Jul 27, 2018 I Paul Seaburn

Robots May Soon Take Human Minds and Attend Their Bodies’ Funerals

Yet another great plot for a science fiction novel is about to become reality instead. A renowned futurologist has laid out the plan for how robots will acquire human minds, then attend the funerals of the mind’s human body … by 2050. That means we’re a mere three decades away from immortality through robotics … well, those who will be able to afford it are. Should you wait to see how the novel ends before saving your money?

In a post on his Futurizon blog, Dr. Ian Pearson – former member of parliament, author, lecturer and creator of 1800+ inventions including text messaging and the active contact lens – gives his own somewhat dystopian views on the inevitable road to human androidization and beyond, which he sees occurring by 2050. He begins by predicting that we will arrive at the point with “99% of your mind is running on external IT rather than in the meat-ware in your head.” With your mind not in the clouds but in the ‘cloud’, the next step will then be easy:

“Assuming you saved enough and prepared well, you connect to an android to use as your body from now on, attend your funeral, and then carry on as before, still you, just with a younger, highly upgraded body.”

To brace readers for the big prediction/warning/plot-turn, Pearson first gives little warnings about how this will be expensive – while servers are cheap, robots are not.

“Some people may need to wait until 2060 or later until android price falls enough for them to afford one.”

Wait? Humans? Really? There must be a way to get our robotic containers for our human minds right away and at a reasonable price, right Dr. Pearson?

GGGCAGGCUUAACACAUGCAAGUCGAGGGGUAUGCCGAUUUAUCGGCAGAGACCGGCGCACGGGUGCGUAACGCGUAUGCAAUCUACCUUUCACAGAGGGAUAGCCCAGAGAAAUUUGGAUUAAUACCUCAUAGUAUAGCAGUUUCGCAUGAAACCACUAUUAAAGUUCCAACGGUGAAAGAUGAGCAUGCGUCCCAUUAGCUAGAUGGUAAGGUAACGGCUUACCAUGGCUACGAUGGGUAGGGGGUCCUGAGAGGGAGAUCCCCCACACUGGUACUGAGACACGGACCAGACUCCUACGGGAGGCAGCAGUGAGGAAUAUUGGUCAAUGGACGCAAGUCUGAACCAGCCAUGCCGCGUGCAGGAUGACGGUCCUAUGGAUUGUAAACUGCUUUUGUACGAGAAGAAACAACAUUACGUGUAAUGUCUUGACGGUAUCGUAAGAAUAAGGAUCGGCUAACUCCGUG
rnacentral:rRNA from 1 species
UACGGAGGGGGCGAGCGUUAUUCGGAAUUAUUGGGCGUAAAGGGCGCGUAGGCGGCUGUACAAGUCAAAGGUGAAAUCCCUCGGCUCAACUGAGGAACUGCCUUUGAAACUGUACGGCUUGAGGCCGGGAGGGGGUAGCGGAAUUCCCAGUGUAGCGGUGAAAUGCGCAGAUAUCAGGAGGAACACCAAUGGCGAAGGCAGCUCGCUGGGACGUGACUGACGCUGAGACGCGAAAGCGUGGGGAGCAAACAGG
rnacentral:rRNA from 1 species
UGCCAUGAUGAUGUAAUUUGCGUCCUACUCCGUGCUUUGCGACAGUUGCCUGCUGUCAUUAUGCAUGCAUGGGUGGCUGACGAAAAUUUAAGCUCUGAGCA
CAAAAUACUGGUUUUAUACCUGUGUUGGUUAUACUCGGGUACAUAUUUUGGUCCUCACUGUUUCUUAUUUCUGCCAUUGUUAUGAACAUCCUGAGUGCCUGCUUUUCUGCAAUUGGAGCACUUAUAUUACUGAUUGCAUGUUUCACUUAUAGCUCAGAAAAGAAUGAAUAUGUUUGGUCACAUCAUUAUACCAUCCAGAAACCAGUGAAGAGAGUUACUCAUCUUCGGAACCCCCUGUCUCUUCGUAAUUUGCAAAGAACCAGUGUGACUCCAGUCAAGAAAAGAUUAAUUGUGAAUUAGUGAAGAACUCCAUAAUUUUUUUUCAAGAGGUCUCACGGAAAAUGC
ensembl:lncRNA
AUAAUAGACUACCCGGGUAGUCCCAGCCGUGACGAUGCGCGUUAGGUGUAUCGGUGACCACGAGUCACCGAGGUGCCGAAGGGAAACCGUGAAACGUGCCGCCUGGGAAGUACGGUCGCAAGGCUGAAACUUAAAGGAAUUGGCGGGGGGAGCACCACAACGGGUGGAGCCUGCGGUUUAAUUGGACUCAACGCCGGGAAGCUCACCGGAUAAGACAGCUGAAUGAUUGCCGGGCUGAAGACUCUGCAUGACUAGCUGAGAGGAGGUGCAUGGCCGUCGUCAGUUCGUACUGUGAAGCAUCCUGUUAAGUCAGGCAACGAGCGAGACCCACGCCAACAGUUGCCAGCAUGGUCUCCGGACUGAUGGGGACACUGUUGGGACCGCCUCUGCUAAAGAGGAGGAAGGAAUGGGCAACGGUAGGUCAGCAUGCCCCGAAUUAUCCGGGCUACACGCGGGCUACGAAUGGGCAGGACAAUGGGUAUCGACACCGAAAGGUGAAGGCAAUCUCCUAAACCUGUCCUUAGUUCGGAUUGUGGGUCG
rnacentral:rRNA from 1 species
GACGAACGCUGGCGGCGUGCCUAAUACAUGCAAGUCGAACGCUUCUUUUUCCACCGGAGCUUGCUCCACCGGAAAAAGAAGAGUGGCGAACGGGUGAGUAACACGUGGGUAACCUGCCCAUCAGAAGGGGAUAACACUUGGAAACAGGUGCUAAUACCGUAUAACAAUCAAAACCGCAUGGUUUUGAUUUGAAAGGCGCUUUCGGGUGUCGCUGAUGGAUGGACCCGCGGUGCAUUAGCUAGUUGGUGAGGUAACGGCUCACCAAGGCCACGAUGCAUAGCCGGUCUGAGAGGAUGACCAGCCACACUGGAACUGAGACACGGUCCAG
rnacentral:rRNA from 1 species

“Maybe your continued existence is paid for as part of an extended company medical plan.”

That’s one alternative Pearson proposes, assuming medical insurance is still around in 2050. However (there’s always a ‘however’), letting someone else own or lease your robotic body may allow them (read the fine print) to own, lease or at least access your mind, using it for good (allowing it to continue to write funny stuff for your readers) or bad (cloning an evil mind into millions of copies or adding it to a collective that will someday take over the world).

It gets worse. What if the medical plan goes bankrupt paying for replacement android bodies for millions of its immortal or vain clients? Perhaps you saw this coming and set up a fund for your children, grandchildren and beyond to pay for your upgrades and keep your robotic body in good working order. If they didn’t always listen to you when you were human, will they listen to your android self?

“After all, they know you know they have kids or grand-kids in school that need paid for, and homes don’t come cheap, and they really need that new kitchen.”

Grandpa, would you deprive your great-grandchildren of a new iPhone 500 UltraPlus just so you can have a titanium cranium?

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But I "need" a titanium cranium!

OK, maybe letting a corporation specifically designed for the purpose of managing and upgrading cyborgs in return for using enough of your mind to pay for it isn’t such a bad idea. After all, businesses always have your best interests in mind, right?

“[Then] you could stay immortal, unable to die, stuck forever as just a corporate asset, a mere slave.”

Is this inevitable? Dr. Pearson claims to have an 85 percent accuracy record when looking 10 to 15 years into the future. Should we trust his predictions/warnings for 30?

Do we already know how this novel will end? Will it be worth attending your own funeral?

Paul Seaburn

Paul Seaburn is the editor at Mysterious Universe and its most prolific writer. He’s written for TV shows such as "The Tonight Show", "Politically Incorrect" and an award-winning children’s program. He's been published in “The New York Times" and "Huffington Post” and has co-authored numerous collections of trivia, puzzles and humor. His “What in the World!” podcast is a fun look at the latest weird and paranormal news, strange sports stories and odd trivia. Paul likes to add a bit of humor to each MU post he crafts. After all, the mysterious doesn't always have to be serious.

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